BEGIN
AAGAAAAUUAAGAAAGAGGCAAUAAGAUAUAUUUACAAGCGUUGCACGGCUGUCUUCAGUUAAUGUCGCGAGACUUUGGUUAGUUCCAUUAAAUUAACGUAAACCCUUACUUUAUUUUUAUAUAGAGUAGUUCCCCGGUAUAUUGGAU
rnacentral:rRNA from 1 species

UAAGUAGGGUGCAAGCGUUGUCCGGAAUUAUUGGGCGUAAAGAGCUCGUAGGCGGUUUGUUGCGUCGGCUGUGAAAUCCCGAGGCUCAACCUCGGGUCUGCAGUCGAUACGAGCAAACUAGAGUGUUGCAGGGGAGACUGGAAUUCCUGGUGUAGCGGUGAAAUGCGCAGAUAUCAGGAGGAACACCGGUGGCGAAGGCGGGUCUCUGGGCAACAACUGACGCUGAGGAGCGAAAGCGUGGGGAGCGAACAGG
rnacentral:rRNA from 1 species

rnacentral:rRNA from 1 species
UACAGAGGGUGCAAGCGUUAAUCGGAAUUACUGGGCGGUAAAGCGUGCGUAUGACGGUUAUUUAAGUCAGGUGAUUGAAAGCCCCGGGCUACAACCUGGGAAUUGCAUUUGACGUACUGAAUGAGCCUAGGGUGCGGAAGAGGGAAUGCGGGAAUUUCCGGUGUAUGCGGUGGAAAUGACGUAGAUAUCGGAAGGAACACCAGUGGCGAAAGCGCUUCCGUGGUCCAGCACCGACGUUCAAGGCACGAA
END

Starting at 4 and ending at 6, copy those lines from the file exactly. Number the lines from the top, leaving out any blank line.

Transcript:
rnacentral:rRNA from 1 species

rnacentral:rRNA from 1 species
UACAGAGGGUGCAAGCGUUAAUCGGAAUUACUGGGCGGUAAAGCGUGCGUAUGACGGUUAUUUAAGUCAGGUGAUUGAAAGCCCCGGGCUACAACCUGGGAAUUGCAUUUGACGUACUGAAUGAGCCUAGGGUGCGGAAGAGGGAAUGCGGGAAUUUCCGGUGUAUGCGGUGGAAAUGACGUAGAUAUCGGAAGGAACACCAGUGGCGAAAGCGCUUCCGUGGUCCAGCACCGACGUUCAAGGCACGAA